The Role Of Real Estate In Your Investment Portfolio
By Lisa Scontras
Wall Street’s volatility coupled with uneven economic growth have many investors scrambling for the best way to recoup their losses, re-balance their portfolios and reduce any risks.
While there is no secret formula that guarantees your investments will flourish, portfolio diversification – the practice of reducing risk by investing in a variety of assets – is a good way to limit your losses and minimize the fluctuations of investment returns. But determining exactly how to allocate your assets to ensure that your money will be there when you need it is indeed the million-dollar question.
Ultimately, where you choose to invest your money depends largely on your personal circumstances and how much risk you are willing to take. But whatever your choices are, one local investment strategist strongly advises you consider real estate for your portfolio.
Kenneth L. Miller, senior vice president of the Investment Services Department at First Hawaiian Bank, says everyone has a different set of goals and varying amounts of time needed to reach them. If you are 25, for example, your asset allocation will be different than if you’re 55. Still, several indicators point to now being a good time to make real estate a part of your investment portfolio.
“After two big bear markets over the last decade, the risks of the stock market are better appreciated,” says Miller. “Since the early 1980s, it’s been relatively easy to make money in the bond market – interest rates were gradually falling so the prices of bonds went up. Now interest rates are near bottom, so returns for the bond market will inevitably be lower.
“Equity market (the stock market) returns will likely be lower as well,” he says. “For those reasons, it’s important to be looking at alternative investments.”
According to Miller, evaluating investments is a function of expected return versus potential risk.
In addition to your return on investment, or ROI, and risk assessment, the extent to which your investments correlate with other assets should also be carefully considered. Ideally, you want to be well-diversified so that if the stock market goes down, your investments won’t all go down as well. One of the advantages of investing in real estate is that it is fairly uncorrelated with other asset classes.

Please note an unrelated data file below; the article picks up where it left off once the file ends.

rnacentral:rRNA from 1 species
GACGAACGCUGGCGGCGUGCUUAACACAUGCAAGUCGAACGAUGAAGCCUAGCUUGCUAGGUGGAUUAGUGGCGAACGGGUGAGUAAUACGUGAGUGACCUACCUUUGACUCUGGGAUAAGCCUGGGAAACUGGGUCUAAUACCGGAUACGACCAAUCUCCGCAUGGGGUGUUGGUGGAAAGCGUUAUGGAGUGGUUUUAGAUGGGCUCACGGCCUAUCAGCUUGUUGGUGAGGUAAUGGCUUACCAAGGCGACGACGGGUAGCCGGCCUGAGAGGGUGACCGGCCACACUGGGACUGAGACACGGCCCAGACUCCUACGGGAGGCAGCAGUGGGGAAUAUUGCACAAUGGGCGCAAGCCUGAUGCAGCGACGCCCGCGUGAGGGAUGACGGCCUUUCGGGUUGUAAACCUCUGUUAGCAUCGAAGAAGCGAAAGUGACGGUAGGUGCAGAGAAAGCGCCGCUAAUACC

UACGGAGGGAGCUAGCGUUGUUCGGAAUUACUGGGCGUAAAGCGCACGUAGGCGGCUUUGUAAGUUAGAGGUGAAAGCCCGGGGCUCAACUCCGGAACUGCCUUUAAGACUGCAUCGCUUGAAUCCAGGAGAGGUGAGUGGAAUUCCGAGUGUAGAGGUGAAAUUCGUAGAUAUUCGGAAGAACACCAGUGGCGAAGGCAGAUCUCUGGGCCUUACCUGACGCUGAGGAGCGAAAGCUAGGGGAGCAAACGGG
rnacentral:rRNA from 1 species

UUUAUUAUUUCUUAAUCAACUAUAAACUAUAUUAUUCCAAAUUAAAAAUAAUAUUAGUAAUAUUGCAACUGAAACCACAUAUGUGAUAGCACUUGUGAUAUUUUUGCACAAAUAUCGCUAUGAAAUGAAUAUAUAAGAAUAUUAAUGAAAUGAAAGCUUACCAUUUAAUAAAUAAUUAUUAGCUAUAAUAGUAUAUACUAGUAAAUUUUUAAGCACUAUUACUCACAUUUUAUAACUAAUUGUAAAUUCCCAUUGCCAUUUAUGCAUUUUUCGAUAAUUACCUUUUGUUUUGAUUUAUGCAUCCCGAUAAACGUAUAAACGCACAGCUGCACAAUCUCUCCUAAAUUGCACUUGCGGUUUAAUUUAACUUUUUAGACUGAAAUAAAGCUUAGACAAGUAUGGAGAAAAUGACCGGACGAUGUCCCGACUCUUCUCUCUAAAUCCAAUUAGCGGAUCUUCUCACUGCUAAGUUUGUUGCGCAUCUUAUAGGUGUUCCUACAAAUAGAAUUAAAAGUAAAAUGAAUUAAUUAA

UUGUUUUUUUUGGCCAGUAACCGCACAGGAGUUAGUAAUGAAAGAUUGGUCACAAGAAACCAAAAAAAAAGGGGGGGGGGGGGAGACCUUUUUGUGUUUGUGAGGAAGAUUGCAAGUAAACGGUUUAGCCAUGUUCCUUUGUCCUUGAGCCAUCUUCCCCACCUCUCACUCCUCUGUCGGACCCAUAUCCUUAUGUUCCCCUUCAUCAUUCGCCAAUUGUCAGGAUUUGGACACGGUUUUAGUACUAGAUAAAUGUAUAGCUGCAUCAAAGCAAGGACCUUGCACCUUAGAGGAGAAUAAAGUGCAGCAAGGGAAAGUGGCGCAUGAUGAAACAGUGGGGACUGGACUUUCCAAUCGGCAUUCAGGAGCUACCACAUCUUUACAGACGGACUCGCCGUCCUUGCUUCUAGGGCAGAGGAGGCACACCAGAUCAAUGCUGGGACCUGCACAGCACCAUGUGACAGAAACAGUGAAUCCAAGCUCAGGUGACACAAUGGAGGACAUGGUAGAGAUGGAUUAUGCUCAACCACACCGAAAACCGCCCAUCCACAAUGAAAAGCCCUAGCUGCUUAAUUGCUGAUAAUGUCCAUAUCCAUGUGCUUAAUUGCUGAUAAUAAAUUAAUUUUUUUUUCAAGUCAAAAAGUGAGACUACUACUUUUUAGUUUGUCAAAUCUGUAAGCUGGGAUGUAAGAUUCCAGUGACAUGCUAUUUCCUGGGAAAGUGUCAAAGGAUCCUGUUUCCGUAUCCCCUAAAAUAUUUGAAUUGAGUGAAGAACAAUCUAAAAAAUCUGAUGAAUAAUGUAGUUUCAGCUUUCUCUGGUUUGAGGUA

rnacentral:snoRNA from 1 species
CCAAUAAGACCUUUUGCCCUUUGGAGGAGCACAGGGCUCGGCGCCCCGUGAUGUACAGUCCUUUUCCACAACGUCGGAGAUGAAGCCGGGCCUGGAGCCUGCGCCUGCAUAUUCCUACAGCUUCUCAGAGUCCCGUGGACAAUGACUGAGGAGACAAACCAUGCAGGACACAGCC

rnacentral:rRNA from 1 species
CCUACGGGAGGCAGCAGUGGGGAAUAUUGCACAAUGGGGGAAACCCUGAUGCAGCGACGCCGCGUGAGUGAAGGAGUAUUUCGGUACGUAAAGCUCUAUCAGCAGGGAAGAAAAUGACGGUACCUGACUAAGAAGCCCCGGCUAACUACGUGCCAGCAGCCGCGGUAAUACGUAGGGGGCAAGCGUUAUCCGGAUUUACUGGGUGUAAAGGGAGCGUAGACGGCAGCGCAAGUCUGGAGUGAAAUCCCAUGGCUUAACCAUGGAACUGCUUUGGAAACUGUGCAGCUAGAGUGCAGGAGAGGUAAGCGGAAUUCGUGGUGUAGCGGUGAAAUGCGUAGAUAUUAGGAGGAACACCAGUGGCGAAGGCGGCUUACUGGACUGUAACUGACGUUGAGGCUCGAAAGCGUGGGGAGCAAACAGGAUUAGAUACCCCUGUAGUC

Leverage is another advantage to investing in real estate. Your only investment is your cash-down payment, yet your return is on the full-market value of the property.
“For the average investor, real estate may be the easiest area to use leverage – borrowing money to amplify returns,” says Miller.
“And, of course, there is also a tax break on mortgage interest payments, which makes the cost of borrowing effectively lower.”
Another advantage is that, unlike stocks, investing in real estate allows you to live in your home.
Of course, investors should take note that real estate is not as liquid as stocks or bonds.
“You can buy and sell stocks in seconds,” Miller says. “If you decide to sell real estate, it takes time.”
For that reason, he says real estate is a long-term investment. Because real estate values tend to appreciate in long cycles, the investor must be prepared to leave his or her money there for a long time.
With 30-year fixed mortgage rates currently under 5 percent, Miller says the timing is right to invest in real estate.
“With rates so low, and likely to go up in the future, it looks like a good time to lock in a good rate,” Miller says. “We’re probably near the bottom of the current real estate cycle, which means that historically this is the best time to invest.”